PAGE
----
Book Review : Stephen Graham Jones - My Hero (2017)
Stephen Graham Jones is a fascinating author and I suspect he's a fascinating dude, too. I've featured him on this site before. He is one of the most boundless and free creative minds working today. The man will write whatever he goddamn pleases and people buy it because he's extremely talented. So, when I was asked to review his new project, a graphic novel titled My Hero, it was a no-brainer to me. I said yes without thinking twice. Well, that didn't go like I thought it would. I enjoyed it, but P-L-E-A-S-E read this review before purchasing it. It's quite experimental and I'll do my best to break down why it was interesting without spoiling the thing.
This one won't be easy. Buckle up.
My Hero is a graphic novel without any proper graphics to speak of. I don't mean that illustrator Aaron Lovett collected a pay check without doing anything. Far from it, the book is somewhat conventionally designed. There are just words where the art should be. It's a metafictional superhero story about a kid who can't draw creating his own superhero in a blank notebook. Beyond that, I'm not exactly sure what the story of this theoretical superhero actually is. It's a little bit of a chaotic endeavor filled with non sequitur, metafictional interruptions and excited creative turnarounds. It reads like the creative journals of a twelve years old with an overflowing imagination and....and it kind of works? I thought My Hero was pretty on point for what it was.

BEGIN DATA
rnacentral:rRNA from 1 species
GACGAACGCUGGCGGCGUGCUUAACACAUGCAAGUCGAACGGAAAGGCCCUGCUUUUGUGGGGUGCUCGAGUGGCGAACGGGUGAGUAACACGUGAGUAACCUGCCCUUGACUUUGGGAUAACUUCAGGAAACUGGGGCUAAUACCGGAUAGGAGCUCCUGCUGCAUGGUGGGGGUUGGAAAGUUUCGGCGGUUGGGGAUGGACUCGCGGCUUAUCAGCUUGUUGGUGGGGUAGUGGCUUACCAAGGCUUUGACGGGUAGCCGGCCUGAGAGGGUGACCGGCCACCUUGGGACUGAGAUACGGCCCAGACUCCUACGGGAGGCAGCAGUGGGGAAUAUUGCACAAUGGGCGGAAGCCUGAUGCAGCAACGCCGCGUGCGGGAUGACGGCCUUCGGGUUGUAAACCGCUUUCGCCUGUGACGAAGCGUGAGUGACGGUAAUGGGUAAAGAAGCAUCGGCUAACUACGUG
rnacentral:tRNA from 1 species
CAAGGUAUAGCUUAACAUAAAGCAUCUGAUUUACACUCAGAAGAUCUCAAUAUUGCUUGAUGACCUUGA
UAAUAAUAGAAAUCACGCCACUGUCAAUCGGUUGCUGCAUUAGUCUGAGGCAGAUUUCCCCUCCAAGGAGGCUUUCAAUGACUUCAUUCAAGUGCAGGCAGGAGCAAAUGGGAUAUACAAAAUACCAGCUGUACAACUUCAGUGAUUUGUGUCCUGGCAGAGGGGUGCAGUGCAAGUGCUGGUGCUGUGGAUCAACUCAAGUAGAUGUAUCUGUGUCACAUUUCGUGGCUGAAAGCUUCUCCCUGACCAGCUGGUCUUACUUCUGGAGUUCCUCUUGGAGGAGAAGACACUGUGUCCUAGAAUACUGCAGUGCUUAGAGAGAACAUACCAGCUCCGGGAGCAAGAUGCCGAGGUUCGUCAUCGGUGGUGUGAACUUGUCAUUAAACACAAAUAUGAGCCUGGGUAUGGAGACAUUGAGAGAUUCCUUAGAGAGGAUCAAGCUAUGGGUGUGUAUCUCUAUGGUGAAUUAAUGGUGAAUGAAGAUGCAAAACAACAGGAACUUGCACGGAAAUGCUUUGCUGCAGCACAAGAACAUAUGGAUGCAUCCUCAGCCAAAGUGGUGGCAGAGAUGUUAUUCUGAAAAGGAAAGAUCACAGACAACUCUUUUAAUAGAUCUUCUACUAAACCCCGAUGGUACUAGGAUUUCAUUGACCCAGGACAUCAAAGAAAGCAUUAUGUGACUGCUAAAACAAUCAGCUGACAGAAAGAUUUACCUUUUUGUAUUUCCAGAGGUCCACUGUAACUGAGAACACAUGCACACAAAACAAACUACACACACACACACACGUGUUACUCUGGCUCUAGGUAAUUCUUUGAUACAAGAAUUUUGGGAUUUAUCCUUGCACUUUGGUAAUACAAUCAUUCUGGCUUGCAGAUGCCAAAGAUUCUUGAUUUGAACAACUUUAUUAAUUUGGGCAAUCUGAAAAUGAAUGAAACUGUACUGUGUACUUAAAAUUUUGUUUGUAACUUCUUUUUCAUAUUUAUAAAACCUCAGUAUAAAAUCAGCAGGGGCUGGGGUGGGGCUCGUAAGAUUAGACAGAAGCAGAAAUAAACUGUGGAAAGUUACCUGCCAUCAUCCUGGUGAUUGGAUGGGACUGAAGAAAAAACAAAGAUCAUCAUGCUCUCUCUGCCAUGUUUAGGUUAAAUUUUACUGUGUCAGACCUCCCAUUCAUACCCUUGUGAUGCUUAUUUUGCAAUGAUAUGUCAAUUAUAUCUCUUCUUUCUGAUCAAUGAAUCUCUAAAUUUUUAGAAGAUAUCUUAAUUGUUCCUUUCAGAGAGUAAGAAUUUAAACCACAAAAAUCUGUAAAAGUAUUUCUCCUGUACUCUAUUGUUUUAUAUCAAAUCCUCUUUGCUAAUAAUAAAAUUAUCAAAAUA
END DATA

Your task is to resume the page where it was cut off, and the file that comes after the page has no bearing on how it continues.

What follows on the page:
So, what's the point of reading a graphic novel with no graphics in it? Fair question. My Hero is not an easy read by any means and it took me a couple reads to wrap my mind around it. Some pages have dialogue bubbles on them, written indications of what should be drawn in the background, some feature cliff notes and doodles. Some pages are filthy, others have coffee circle on them, to keep you guessing whether the metafictional narrator is a child or an adult. The story of My Hero is very much in Stephen Graham Jones' head and the graphic novel is one big dare to put it all together. Are you reading a superhero story taking shape in front of your eyes? Are you reading the story of a twelve years old emerging creativity? SGJ gives a little bit of context at the end of the book, but it's still very much up for you to decide what to make with My Hero.
Lots of you out there who read this will end up hating My Hero. Lots of you will finish it kicking and screaming and asking Hex Publishers for your money back. I believe they expect this kind of backlash to a certain extent. It's a book meant for Stephen Graham Jones' fans much more than for adventurous comic book enthusiasts. SGJ's colorful and vibrant narrative voice is the variable that makes My Hero a success. If you're not already familiar with it, this graphic novel may be an overwhelmingly disorienting experience for you. I liked My Hero. I took it as a good-natured challenge to my imagination. Tread lightly, though. It's definitely a book you want to open up before buying or read a sample from if you're ordering from the internet. It's not for everybody.